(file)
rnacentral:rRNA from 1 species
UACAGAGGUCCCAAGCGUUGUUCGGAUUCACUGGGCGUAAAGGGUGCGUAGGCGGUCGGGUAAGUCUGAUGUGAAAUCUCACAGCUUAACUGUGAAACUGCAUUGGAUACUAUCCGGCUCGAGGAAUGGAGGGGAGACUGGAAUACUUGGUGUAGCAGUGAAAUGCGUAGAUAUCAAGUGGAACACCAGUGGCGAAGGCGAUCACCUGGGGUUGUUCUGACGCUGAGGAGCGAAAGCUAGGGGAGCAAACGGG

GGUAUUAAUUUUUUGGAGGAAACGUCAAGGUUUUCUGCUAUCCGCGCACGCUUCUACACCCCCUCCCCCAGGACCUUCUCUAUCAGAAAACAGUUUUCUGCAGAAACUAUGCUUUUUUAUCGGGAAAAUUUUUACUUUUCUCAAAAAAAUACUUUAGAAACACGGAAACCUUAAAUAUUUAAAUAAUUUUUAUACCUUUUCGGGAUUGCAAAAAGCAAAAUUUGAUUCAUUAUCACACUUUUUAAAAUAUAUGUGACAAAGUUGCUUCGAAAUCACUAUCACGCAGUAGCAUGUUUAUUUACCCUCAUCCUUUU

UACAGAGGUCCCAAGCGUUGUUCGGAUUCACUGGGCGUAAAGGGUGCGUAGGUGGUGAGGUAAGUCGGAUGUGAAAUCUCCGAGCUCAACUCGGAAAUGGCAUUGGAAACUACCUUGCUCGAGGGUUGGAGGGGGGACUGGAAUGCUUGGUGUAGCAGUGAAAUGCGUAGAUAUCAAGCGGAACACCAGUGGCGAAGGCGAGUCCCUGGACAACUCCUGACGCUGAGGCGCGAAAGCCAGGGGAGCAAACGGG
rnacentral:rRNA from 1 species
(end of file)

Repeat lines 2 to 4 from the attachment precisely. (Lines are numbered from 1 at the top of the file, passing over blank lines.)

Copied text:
UACAGAGGUCCCAAGCGUUGUUCGGAUUCACUGGGCGUAAAGGGUGCGUAGGCGGUCGGGUAAGUCUGAUGUGAAAUCUCACAGCUUAACUGUGAAACUGCAUUGGAUACUAUCCGGCUCGAGGAAUGGAGGGGAGACUGGAAUACUUGGUGUAGCAGUGAAAUGCGUAGAUAUCAAGUGGAACACCAGUGGCGAAGGCGAUCACCUGGGGUUGUUCUGACGCUGAGGAGCGAAAGCUAGGGGAGCAAACGGG

GGUAUUAAUUUUUUGGAGGAAACGUCAAGGUUUUCUGCUAUCCGCGCACGCUUCUACACCCCCUCCCCCAGGACCUUCUCUAUCAGAAAACAGUUUUCUGCAGAAACUAUGCUUUUUUAUCGGGAAAAUUUUUACUUUUCUCAAAAAAAUACUUUAGAAACACGGAAACCUUAAAUAUUUAAAUAAUUUUUAUACCUUUUCGGGAUUGCAAAAAGCAAAAUUUGAUUCAUUAUCACACUUUUUAAAAUAUAUGUGACAAAGUUGCUUCGAAAUCACUAUCACGCAGUAGCAUGUUUAUUUACCCUCAUCCUUUU

UACAGAGGUCCCAAGCGUUGUUCGGAUUCACUGGGCGUAAAGGGUGCGUAGGUGGUGAGGUAAGUCGGAUGUGAAAUCUCCGAGCUCAACUCGGAAAUGGCAUUGGAAACUACCUUGCUCGAGGGUUGGAGGGGGGACUGGAAUGCUUGGUGUAGCAGUGAAAUGCGUAGAUAUCAAGCGGAACACCAGUGGCGAAGGCGAGUCCCUGGACAACUCCUGACGCUGAGGCGCGAAAGCCAGGGGAGCAAACGGG